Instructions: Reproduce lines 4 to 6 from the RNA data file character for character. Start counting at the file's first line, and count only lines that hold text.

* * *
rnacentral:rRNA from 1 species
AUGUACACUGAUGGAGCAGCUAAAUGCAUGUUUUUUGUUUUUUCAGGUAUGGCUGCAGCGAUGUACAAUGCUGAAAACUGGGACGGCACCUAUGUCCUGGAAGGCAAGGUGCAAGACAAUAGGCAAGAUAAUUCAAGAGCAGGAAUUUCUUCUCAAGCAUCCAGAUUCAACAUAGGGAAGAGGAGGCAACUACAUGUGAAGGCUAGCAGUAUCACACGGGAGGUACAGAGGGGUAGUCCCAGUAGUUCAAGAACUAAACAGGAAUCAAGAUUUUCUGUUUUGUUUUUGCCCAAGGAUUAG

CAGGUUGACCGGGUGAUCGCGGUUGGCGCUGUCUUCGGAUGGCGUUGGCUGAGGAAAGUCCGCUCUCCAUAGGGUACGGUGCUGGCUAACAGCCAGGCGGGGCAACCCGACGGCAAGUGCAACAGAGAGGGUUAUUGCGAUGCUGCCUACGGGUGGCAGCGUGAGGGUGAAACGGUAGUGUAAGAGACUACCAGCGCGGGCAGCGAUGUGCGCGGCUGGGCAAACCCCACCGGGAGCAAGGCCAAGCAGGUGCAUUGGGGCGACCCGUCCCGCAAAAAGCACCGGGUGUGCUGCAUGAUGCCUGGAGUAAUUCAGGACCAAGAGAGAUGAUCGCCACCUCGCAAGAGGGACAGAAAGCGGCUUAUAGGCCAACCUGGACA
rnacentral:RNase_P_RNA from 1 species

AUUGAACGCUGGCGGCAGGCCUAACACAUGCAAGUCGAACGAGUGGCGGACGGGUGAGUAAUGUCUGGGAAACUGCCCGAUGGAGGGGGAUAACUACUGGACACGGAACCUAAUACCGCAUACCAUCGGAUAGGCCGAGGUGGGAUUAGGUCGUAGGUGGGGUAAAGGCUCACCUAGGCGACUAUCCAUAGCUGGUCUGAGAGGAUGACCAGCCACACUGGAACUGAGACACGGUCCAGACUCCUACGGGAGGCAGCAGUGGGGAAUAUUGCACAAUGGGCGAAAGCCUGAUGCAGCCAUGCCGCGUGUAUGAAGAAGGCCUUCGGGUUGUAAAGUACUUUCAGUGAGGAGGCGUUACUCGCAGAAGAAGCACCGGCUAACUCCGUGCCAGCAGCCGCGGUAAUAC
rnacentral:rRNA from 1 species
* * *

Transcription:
rnacentral:RNase_P_RNA from 1 species

AUUGAACGCUGGCGGCAGGCCUAACACAUGCAAGUCGAACGAGUGGCGGACGGGUGAGUAAUGUCUGGGAAACUGCCCGAUGGAGGGGGAUAACUACUGGACACGGAACCUAAUACCGCAUACCAUCGGAUAGGCCGAGGUGGGAUUAGGUCGUAGGUGGGGUAAAGGCUCACCUAGGCGACUAUCCAUAGCUGGUCUGAGAGGAUGACCAGCCACACUGGAACUGAGACACGGUCCAGACUCCUACGGGAGGCAGCAGUGGGGAAUAUUGCACAAUGGGCGAAAGCCUGAUGCAGCCAUGCCGCGUGUAUGAAGAAGGCCUUCGGGUUGUAAAGUACUUUCAGUGAGGAGGCGUUACUCGCAGAAGAAGCACCGGCUAACUCCGUGCCAGCAGCCGCGGUAAUAC
rnacentral:rRNA from 1 species